11 Books for When You Need a Good Ugly-Cry
We love a light and breezy read, but sometimes we want a book that really makes us feel. That’s where these 11 titles come into play. Load up your Kindle (and your Amazon cart…with tissues).
“The Book Thief” by Markus Zusak
This 2005 novel follows a young girl in Nazi Germany who, following the death of her brother, is sent to live with foster parents who open her eyes to both the power of words and the chaos and loss surrounding her. Her solution? To steal banned books before they can be burned.
“Extremely Loud and Incredibly Close” by Jonathan Safran Foer
Nine-year-old Oskar Schell is wise beyond his years and mourning the loss of his father when he finds a mysterious key in his closet. His subsequent journey around New York City to find answers is riddled with humor, sweetness and intense grief.
“Wave” by Sonali Deraniyagala
This is a devastating account of the author’s life before and after the 2004 Indian Ocean earthquake and tsunami, which claimed the lives of her entire family, including her husband and two young sons. Despite the bleak subject matter, Deraniyagala injects the slightest amount of hope into her story—but don’t expect to get through it without bawling.
“The Kite Runner” by Khaled Hosseini
This 2003 novel about a wealthy merchant and his servant is set against the backdrop of the final days of the Afghan monarchy—and will make you seriously cry as you watch an unlikely relationship torn assunder.
“Me Before You” by Jojo Moyes
Louisa takes a job caring for Will, a wheelchair-bound man who has decided he wants to die. Their relationship, while rocky at first, eventually grows into something more fulfilling than either expected, making the book’s inevitable end even more upsetting.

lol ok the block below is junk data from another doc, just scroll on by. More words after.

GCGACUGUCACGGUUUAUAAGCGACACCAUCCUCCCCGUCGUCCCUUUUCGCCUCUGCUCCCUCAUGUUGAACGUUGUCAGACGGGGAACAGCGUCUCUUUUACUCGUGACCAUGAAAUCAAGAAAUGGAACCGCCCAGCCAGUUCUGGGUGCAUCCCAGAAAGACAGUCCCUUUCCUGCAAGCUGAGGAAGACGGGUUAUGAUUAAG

“When Breath Becomes Air” by Paul Kalanithi
As beautifully written as it is devastating, this young neurosurgeon’s memoir of dying of cancer reflects on the nature of a meaningful life—and will have you reexamining your own relationships and attention to gratitude.
“Never Let Me Go” by Kazuo Ishiguro
Anything but your typical dystopian sci-fi, this remarkably subtle novel imagines what life would be like if you were a clone, born to have your organs harvested in early adulthood. (We repeat: weirdly subtle and haunting.)
“A Little Life” by Hanya Yanagahira
Four graduates from a small college in Massachusetts move to New York to follow their dreams and escape their demons. There, their relationships deepen, and painful (like, seriously messed up) secrets from their past emerge.
“All the Light We Cannot See” by Anthony Doerr
Doerr’s Pulitzer Prize-winner tells the story of French girl and German boy on opposite sides of World War II. Doerr examines the horrors of war, treating both characters with equal empathy.
“The Time Traveler’s Wife” by Audrey Niffenegger
Clare and Henry meet at the ages of 6 and 36. But thanks to a genetic disorder that causes Henry to time travel at random increments, they’re able to marry when Clare is 23 and Henry 31. The unpredictability of their encounters will have you weeping for true love to win out.
“Of Mice and Men” by John Steinbeck
If Lenny asking George if he can tend the rabbits doesn’t make you cry, you might be a robot.